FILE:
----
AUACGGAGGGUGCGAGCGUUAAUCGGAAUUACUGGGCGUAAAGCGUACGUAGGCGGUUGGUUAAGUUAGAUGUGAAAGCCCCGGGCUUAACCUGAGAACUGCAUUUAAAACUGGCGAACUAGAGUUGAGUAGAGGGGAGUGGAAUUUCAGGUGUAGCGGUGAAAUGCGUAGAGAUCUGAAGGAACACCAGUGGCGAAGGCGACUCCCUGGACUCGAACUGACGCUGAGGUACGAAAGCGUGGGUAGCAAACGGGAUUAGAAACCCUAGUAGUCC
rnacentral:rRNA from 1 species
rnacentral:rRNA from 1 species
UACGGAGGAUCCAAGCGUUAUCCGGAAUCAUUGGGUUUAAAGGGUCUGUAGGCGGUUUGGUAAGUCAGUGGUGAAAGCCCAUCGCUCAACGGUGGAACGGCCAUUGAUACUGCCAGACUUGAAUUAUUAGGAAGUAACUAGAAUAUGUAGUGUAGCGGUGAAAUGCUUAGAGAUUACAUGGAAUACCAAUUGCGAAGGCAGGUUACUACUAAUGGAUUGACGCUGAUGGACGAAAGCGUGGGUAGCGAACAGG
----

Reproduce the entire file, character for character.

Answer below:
AUACGGAGGGUGCGAGCGUUAAUCGGAAUUACUGGGCGUAAAGCGUACGUAGGCGGUUGGUUAAGUUAGAUGUGAAAGCCCCGGGCUUAACCUGAGAACUGCAUUUAAAACUGGCGAACUAGAGUUGAGUAGAGGGGAGUGGAAUUUCAGGUGUAGCGGUGAAAUGCGUAGAGAUCUGAAGGAACACCAGUGGCGAAGGCGACUCCCUGGACUCGAACUGACGCUGAGGUACGAAAGCGUGGGUAGCAAACGGGAUUAGAAACCCUAGUAGUCC
rnacentral:rRNA from 1 species
rnacentral:rRNA from 1 species
UACGGAGGAUCCAAGCGUUAUCCGGAAUCAUUGGGUUUAAAGGGUCUGUAGGCGGUUUGGUAAGUCAGUGGUGAAAGCCCAUCGCUCAACGGUGGAACGGCCAUUGAUACUGCCAGACUUGAAUUAUUAGGAAGUAACUAGAAUAUGUAGUGUAGCGGUGAAAUGCUUAGAGAUUACAUGGAAUACCAAUUGCGAAGGCAGGUUACUACUAAUGGAUUGACGCUGAUGGACGAAAGCGUGGGUAGCGAACAGG